Arduino and SQ-1

Background:

Korg SQ-1 is a sequencer for analog synthesizers.
It provides a way to sync rhythm from an external clock.
It has a SYNC IN and a SYNC OUT port in the form of a female mono jack 3.5mm.
According to SQ-1 manual, when an advance in time must occur, SYNC OUT port outputs a 5v pulse 15ms long.
When an external clock is used, SYNC IN interpret as an advance in time a pulse like this one, but the manual also specifies that SYNC IN maximmum input level is 20v.

Other relevant things:

Even if the manual says that SYNC OUT outputs a 5v pulse, that's not true. I measured it with a multimeter, an I saw that the maximum voltage was more or less 0.3v.
I connected an Arduino digital pin to SYNC IN through a voltage divider, in this way I discovered that a pulse of 0.46v is correctly interpreted as an advance in time.
I also directly connected an Arduino digital pin to SYNC IN, and saw that the sequencer worked fine with direct pulses of 5v.

My problem:

I want to use an Arduino as a clock generator to drive this and other similar sequencers at the same time.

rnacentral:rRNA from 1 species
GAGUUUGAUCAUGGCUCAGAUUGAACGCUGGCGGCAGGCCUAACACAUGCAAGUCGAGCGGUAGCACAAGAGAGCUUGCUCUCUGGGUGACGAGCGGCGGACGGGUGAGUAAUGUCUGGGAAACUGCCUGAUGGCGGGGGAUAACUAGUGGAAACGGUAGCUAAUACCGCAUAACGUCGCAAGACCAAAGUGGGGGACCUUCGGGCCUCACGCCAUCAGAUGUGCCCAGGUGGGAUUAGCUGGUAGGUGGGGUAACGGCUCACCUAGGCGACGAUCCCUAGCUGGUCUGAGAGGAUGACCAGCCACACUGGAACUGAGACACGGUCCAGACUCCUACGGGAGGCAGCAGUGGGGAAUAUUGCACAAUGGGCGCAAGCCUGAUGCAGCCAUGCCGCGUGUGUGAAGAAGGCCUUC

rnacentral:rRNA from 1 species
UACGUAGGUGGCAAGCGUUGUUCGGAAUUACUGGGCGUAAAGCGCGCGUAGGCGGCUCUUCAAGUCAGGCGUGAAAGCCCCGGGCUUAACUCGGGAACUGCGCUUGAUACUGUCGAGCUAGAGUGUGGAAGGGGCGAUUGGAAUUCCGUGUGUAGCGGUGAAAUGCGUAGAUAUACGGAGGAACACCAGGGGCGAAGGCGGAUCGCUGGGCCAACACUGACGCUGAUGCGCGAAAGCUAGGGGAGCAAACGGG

I like the idea of directly connecting the Arduino pins to the sequencer, because this approach saves time and components. But I am not sure if something like this is safe in the long run.

Should I add components to make some kind of protection?

The Korg manual says nothing about input or output current. Should I be worried about the amout of amperes Arduino is going to supply to the sequencer?

In order to protect Arduino and/or SQ-1, should I at least wire a resistor between Arduino and SYNC IN?

Regards

Even if the manual says that SYNC OUT outputs a 5v pulse, that's not true. I measured it with a multimeter, an I saw that the maximum voltage was more or less 0.3v.

You can not measure a pulse with a multimeter, it just will not work.

I connected an Arduino digital pin to SYNC IN through a voltage divider, in this way I discovered that a pulse of 0.46v is correctly interpreted as an advance in time.

No feed the 5V directly into it to get better noise immunity.

But I am not sure if something like this is safe in the long run.

It should be from what you have said so far.

Should I be worried about the amout of amperes Arduino is going to supply to the sequencer?

Have a look at the circuit, does the input go into a black IC? If so it should be safe. Even so the load should not be excessive.

In order to protect Arduino and/or SQ-1, should I at least wire a resistor between Arduino and SYNC IN?

Well if it were me then I wouldn't bother. Don't forget to connect the grounds of the two systems together.